The last wonder is the Temple of Artemis at Ephesus which was built by nexuno Thespian. Leri Miles Designs was the sponsor of the sim. This build is awash in white, with bright gold and red touches here and there. Some of my favorite designers are on this sim, and the shops are medium in size.

The other two sims are for events and gatherings, and they were built by Eshi Otawara, whom I thought was a clothing designer. I found lots of avatars on both of them admiring the spectacular build, but didn’t stick around.


Well, here is where is start to wonder out loud. The Fashion for Life event is a big deal every year. I usually don’t go, because I have enough clothes, often make my own clothes, and like to spend my Relay lindens on the convio and supporting the teams where I have been a member That said, I went and I shopped, and I kept a critical eye open to things. Here’s what I noticed:

Yes, the builds are out of this world, and really thematically are both pleasing and educational, but how many prims were used on each sim to create these builds? I have a fast computer, and a fiber optic connection, but it took ten minutes for the Artemis in Ephisis sim to rez. Do you really think that folks wouldn’t come if the build wasn’t so phenomenal? I go to Relay events to support Relay. There are thousands of pretty sims to visit. I want to be able to move around and see what’s for sale. Please, please tell me if you think I am wrong. I wonder how folks with moderate to poor internet and computers fare at these events?

Second: Greed. I was about to purchase an outfit I loved at Indrya’s. Then I noticed it wasn’t in a Relay for Life vendor. I decided not to make the purchase. I started going from shop to shop covering once again the whole seven sims. In some shops there was one RFL vendor and the rest was a store for the creator!! I hadn’t realized this. When I have done events for Relay all my lindens went to RFL. Something just isn’t right here. It smells of using charity to increase personal sales, and that’s just disgusting in my opinion. Do the fashionistas raise a lot of money for the American Cancer Society? I am sure they do; I know they do, but put out some vendors and be done with it. Create a central location of just vendors, and let folks know they are donating to the American Cancer Society.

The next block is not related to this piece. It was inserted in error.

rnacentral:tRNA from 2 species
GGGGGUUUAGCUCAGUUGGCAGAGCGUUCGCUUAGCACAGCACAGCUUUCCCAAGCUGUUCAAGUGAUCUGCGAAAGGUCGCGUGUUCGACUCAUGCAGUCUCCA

Once I realized that vendors were way scarcer than actual sales items, I started noting that the items I seemed to want—the new, the innovative—were not the items in the RFL vendors.

So, Fashion folks…please come after me. I will apologize if I am wrong about this, but I have a feeling I am not. Fashions for Life is a charity event that seems to have two charities: The American Cancer Society and the fashion business community in Second Life.

Anyway, go see the builds. Please, spend your lindens in the vendors, and Go Relay!!!!

DrFran Babcock


  1. Sadly I agree with you. I spent 2 days walking around the various sims and unfortunately I found several empty shops, and even more shops that their charity vendors were 'hidden' in the back of the store, or up high on a wall in a place you couldn't even see until you went to leave the shop.
    Just 2 years ago the FFL items were exclusive items, not just another color of an already available item. They were also discounted, and prominently featured in the store. This year the buildings seemed to overshadow the spirit of why the event was going on to begin with. It felt like greed and fancy themes had taken priority over the real charity spirit the event used to portray.

    Muertos Ashbourne

  2. Thanks, Muertos. I have been getting much feedback of the same nature.